Writer-director Craig Mazin had a burgeoning career as a comedy screenwriter in the late ‘90s when he found himself in a room with David Zucker (Airplane!, Naked Gun!), bandying about ideas. Their collaboration led to series redeemers Scary Movie 3 and Scary Movie 4, and sufficiently reared Mazin in the school of parody. This go ‘round, Mazin targets glory instead of gore, poking fun at a different kind of sixth sense. Superhero Movie (written and directed by) is Mazin's latest foray into the world of spoof—puns, farts, fools and all. Hitting theaters March 28, the movie tackles eager film superheroes and legendary comic-book figures. But Mazin's own superhero fandom is a bit more obscure. He talked with Mania this week about the forthcoming Superhero Movie, Lego haiku, telekinetic badasses and the incredible lameness of water.
Mania.com: How did you get involved with parodies?
Craig Mazin: When the Wayans opted not to continue with the Scary Movie series, Bob Weinstein (who runs Dimension) sort of put together his dream team to make the next film. In the course of no more than a day or so, I found myself in a room with David Zucker, Bob Weiss and Pat Proft. Ten months later, we were at the premiere. It was quite a ride.
Mania: You collaborated with parody icon David Zucker on Scary Movie 3 and 4. How did that relationship inform your comedy writing and directing, particularly with Superhero Movie where you pulled double duty as writer-director?
CM: It's a rare thing to learn a genre from the master, but that's the opportunity I had with David. The great thing about David is that he's sort of an eternal student; he's always trying to figure out how to avoid mistakes. I sat with him during Scary Movie 3 and 4, and in addition to the experience of writing the films, I also watched the film actually get made. David's a very generous guy about that. He wants someone sitting there with him, and it was a terrific apprenticeship for me.
Mania: What's the filmmaking process like, trying to mold dozens of superhero themes, characteristics and pop culture references into a coherent, palatable story line?
CM: Frustrating at times. To be honest, the five-movies-into-one mold isn't really my favorite form of the genre. I'm more of a traditionalist. I like Airplane! the best. Oddly, a lot of people on the internet seem to feel that Airplane! is a jumble of dozens of airplane disaster films all rolled into one, but in fact, it's an incredibly specific parody of one film—a movie called Zero Hour!. Other than a couple of brief spoofs of other films (like Saturday Night Fever), Airplane! stays incredibly true to Zero Hour!, even to the point where chunks of dialogue are directly lifted.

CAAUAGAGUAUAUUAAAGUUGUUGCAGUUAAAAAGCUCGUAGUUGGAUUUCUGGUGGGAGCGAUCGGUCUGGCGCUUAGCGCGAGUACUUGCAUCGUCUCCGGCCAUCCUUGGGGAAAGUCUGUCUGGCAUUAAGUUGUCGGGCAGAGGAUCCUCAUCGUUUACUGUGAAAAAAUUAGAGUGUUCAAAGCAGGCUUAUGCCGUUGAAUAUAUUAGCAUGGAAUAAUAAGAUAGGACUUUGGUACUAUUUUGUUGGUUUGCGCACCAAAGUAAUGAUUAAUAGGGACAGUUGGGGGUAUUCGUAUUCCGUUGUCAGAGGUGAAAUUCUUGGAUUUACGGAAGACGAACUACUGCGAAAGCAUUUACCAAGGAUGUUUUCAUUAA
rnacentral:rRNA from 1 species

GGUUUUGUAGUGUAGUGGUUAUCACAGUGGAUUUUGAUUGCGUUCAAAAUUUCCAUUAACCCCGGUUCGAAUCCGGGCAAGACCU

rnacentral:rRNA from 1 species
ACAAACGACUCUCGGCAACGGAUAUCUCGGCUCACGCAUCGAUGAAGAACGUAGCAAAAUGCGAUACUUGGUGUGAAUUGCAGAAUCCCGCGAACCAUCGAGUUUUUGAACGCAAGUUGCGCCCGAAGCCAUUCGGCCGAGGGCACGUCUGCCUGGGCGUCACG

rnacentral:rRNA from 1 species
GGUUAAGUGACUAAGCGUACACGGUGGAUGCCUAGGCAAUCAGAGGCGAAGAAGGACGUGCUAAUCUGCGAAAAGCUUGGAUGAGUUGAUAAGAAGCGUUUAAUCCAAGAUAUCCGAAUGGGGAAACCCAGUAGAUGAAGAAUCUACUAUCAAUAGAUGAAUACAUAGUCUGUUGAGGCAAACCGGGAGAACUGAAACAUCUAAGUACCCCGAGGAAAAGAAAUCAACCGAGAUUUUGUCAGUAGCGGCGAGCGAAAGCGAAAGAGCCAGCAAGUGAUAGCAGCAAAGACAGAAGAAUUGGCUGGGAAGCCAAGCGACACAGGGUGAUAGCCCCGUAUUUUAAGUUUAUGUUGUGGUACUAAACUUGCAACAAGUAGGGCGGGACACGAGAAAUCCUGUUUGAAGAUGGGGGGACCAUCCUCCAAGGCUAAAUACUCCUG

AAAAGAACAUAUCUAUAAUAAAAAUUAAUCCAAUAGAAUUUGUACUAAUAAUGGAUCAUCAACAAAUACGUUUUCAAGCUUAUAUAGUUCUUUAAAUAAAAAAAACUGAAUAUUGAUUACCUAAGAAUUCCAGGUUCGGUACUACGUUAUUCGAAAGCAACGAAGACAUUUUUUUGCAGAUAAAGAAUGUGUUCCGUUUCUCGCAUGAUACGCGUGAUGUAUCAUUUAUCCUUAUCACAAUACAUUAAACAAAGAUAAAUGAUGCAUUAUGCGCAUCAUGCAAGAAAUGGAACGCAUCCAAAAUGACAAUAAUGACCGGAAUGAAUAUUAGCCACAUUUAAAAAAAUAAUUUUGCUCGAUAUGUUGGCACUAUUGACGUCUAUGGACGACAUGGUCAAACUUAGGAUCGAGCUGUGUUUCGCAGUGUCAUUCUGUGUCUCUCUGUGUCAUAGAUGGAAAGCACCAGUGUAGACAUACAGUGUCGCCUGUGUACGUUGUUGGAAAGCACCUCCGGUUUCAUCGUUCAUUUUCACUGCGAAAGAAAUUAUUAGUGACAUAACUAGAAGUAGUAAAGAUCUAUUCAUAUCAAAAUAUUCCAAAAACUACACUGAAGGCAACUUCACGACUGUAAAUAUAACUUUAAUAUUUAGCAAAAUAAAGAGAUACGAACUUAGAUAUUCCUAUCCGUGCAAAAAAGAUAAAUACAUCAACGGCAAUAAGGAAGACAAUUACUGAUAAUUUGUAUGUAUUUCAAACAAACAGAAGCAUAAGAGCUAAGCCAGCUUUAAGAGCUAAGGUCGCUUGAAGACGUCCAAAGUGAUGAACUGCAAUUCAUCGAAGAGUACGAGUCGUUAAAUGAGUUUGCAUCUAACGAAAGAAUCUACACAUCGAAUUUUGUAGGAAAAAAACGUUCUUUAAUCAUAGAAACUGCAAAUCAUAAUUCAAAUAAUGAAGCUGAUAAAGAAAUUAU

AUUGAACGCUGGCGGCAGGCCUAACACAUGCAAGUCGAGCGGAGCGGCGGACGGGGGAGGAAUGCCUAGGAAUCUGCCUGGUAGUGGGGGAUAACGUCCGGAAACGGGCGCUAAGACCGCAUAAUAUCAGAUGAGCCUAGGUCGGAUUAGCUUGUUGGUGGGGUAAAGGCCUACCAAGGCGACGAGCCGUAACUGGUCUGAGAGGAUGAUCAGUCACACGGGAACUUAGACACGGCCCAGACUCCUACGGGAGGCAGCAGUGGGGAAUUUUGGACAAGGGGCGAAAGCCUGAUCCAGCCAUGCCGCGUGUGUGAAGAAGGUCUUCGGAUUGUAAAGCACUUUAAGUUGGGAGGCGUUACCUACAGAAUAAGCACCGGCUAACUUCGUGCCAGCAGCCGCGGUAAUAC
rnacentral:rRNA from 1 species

So while it was an interesting brain teaser for me as a writer to combine, say, War of the Worlds with The Grudge with Million Dollar Baby with The Village with Saw (let's see...Cindy accidentally gets the Grudge boy killed during a Million Dollar Baby sequence, and the boy turns out to be the stepson of the elder of the Village and the biological son of the Saw Villain who happens to be the alien behind the War of the Worlds invasion...how ‘bout that?), it's not exactly conducive to the kind of parody I enjoy the most. That's why I was happier working on Superhero! (now Superhero Movie)—I was allowed to stick, for the most part, to one coherent storyline.
Mania: Why spoof Superhero movies? In your opinion, what's the easy target there? What's interesting?
CM: I think there are two criteria you need when determining whether or not to spoof a film. Did audiences enjoy the film, and is the film earnest? People want to see spoofs of films they enjoyed. If you spoof a film no one liked, then you're just piling on, and it's mean spirited. More importantly, you can only deflate that which is serious, earnest and perhaps a bit pompous. There's no comic counterpoint if you're spoofing a silly film.